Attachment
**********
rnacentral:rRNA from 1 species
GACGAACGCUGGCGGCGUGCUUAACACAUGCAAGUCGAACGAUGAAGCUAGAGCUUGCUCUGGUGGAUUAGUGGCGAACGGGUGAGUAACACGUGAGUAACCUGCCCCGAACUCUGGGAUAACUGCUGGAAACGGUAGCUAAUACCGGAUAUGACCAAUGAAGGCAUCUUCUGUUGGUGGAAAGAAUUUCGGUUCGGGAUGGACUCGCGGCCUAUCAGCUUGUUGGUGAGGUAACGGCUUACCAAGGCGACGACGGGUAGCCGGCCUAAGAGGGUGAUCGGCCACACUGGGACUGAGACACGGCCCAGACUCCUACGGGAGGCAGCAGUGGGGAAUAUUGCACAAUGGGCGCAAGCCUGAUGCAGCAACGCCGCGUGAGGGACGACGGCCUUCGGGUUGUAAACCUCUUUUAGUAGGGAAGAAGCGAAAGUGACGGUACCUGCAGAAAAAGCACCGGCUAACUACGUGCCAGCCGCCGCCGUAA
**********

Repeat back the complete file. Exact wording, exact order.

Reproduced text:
rnacentral:rRNA from 1 species
GACGAACGCUGGCGGCGUGCUUAACACAUGCAAGUCGAACGAUGAAGCUAGAGCUUGCUCUGGUGGAUUAGUGGCGAACGGGUGAGUAACACGUGAGUAACCUGCCCCGAACUCUGGGAUAACUGCUGGAAACGGUAGCUAAUACCGGAUAUGACCAAUGAAGGCAUCUUCUGUUGGUGGAAAGAAUUUCGGUUCGGGAUGGACUCGCGGCCUAUCAGCUUGUUGGUGAGGUAACGGCUUACCAAGGCGACGACGGGUAGCCGGCCUAAGAGGGUGAUCGGCCACACUGGGACUGAGACACGGCCCAGACUCCUACGGGAGGCAGCAGUGGGGAAUAUUGCACAAUGGGCGCAAGCCUGAUGCAGCAACGCCGCGUGAGGGACGACGGCCUUCGGGUUGUAAACCUCUUUUAGUAGGGAAGAAGCGAAAGUGACGGUACCUGCAGAAAAAGCACCGGCUAACUACGUGCCAGCCGCCGCCGUAA